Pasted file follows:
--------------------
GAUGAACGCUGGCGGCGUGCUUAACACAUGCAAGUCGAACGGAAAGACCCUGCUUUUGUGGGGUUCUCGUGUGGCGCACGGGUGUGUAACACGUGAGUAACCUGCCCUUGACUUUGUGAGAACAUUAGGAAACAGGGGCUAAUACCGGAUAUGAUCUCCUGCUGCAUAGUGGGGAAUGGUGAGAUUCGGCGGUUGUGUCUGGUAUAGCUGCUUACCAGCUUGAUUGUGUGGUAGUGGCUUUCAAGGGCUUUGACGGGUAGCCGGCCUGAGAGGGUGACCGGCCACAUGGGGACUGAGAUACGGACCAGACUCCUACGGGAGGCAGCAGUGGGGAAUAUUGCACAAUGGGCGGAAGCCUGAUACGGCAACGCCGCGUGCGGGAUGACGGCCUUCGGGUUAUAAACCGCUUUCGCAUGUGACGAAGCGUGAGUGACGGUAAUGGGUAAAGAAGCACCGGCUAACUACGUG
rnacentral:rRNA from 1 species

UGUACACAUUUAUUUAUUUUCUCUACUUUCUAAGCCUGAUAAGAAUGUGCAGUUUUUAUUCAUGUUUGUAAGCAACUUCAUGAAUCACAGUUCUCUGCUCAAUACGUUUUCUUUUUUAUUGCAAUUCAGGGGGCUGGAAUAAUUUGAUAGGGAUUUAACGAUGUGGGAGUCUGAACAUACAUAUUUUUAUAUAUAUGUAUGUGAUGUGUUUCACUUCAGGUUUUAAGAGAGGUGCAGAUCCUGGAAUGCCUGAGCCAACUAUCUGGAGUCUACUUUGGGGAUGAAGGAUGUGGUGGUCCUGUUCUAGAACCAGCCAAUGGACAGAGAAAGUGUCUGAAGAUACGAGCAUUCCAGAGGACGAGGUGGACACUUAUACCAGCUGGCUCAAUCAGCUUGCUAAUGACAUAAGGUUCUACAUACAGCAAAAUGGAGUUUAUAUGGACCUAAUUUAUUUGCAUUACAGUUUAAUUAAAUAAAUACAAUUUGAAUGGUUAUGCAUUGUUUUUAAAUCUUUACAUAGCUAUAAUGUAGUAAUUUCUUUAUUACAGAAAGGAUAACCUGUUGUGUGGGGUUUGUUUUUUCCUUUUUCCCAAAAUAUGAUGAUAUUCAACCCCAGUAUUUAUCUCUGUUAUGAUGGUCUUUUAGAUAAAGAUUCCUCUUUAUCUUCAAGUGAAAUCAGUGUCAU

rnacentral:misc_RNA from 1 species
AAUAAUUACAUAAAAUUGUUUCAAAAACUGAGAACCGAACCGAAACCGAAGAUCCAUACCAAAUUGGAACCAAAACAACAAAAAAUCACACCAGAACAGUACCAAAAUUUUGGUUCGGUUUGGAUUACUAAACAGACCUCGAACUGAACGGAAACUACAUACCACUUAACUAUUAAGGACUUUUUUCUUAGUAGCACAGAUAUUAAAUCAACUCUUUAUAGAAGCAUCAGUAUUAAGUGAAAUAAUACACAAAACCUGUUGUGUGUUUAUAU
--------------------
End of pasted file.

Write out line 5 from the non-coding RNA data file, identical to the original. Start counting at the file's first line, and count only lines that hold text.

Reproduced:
AAUAAUUACAUAAAAUUGUUUCAAAAACUGAGAACCGAACCGAAACCGAAGAUCCAUACCAAAUUGGAACCAAAACAACAAAAAAUCACACCAGAACAGUACCAAAAUUUUGGUUCGGUUUGGAUUACUAAACAGACCUCGAACUGAACGGAAACUACAUACCACUUAACUAUUAAGGACUUUUUUCUUAGUAGCACAGAUAUUAAAUCAACUCUUUAUAGAAGCAUCAGUAUUAAGUGAAAUAAUACACAAAACCUGUUGUGUGUUUAUAU